HOME AGAIN, HOME AGAIN, JIGGETY JIGG! Wrote this last week before the fires...
With a landmark college reunion last week, distracted, never hit send!
In the meantime, so much tragic disruption and loss has engulfed so many in Northern California, it almost feels wrong to speak of anything else. So many harrowing stories, and so much heartbreak.
My thoughts are with all those affected, with prayers for their safety and recovery.
And yet, these times remind me that telling stories is part of what pulls us together as tribes and communities. Whether our stories celebrate our heroes, offer cautionary tales, inspire or admonish, they impart our tribe wisdom and humanity. And must be told.
So, sharing some notes from the road. I could not today write as I did last week, before it ever struck me I just might not have a home to come back to. But my words are no less true.
Just home after 9 weeks on the road with My Stroke of Luck. That's one big gulp of life as a touring theater artist! Nanaimo and Victoria, British Columbia Fringe Festivals, then New York City for sold out shows at United Solo Off Broadway, then the Atlanta Black Theater Festival, 40 plays in 4 days.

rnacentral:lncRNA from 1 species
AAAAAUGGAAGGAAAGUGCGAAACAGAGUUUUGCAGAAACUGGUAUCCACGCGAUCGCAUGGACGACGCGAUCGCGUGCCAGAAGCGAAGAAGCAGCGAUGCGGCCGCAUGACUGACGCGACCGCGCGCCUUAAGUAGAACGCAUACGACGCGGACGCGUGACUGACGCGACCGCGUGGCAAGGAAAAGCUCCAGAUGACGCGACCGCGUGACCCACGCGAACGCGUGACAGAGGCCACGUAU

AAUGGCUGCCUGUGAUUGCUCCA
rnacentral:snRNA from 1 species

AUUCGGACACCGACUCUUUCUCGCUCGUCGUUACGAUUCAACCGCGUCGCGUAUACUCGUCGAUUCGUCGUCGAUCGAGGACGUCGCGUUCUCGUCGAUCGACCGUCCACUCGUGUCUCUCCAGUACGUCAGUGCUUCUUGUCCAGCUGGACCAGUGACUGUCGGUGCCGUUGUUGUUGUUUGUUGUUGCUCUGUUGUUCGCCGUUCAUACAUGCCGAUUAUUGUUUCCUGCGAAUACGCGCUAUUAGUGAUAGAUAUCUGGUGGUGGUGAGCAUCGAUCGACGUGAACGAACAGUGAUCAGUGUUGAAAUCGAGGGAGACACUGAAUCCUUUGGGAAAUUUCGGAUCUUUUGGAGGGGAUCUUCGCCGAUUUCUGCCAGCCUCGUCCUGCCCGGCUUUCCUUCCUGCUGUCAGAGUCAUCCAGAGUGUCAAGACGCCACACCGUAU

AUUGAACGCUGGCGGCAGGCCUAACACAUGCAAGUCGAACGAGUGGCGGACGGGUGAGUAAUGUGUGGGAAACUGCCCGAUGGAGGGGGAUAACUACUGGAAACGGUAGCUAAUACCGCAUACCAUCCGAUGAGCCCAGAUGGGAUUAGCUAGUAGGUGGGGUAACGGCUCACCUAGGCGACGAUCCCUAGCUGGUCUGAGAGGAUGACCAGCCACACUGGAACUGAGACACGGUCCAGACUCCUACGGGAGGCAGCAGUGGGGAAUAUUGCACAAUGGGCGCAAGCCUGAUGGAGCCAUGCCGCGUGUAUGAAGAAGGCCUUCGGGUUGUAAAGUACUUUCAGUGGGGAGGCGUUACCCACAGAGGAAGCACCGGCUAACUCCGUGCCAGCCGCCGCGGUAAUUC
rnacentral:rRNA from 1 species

And now less than a month before my run at The Marsh, San Francisco!
Exhausted, exhilarated, with a whole ton of new actor's stripes - like the army, EARNED rank! - a bunch of lessons on self producing, ready for the next round!
Each city was so different, the challenges and rewards different.
First stop Nanaimo, the largest city on Vancouver Island after Victoria. Nanaimo is a beautiful city, managable with a small town feel. Friendly people, and patrons who stopped me on the street days after performance to talk. My performance space, in the Lobby of the beautiful 800 seat Port Theater, home to symphony, music, comedy and touring artists like Kenny Rogers and Dolly Parton, was intimate. But the total opposite of a black box! Despite a back drop curtain, sunlight illuminated the entire audience through most performances. That takes some adjusting, and shift of performance style. But premiering the newly reworked show, ability to see the face of every audience member (usually masked by stage lights) gave me priceless information. At the end of each show, people simply did not leave. They had questions, and without tightly scheduled shows, we had informal talk back Q and A's every evening! Wonderful way to hear the audience experience, and learn what engaged and landed.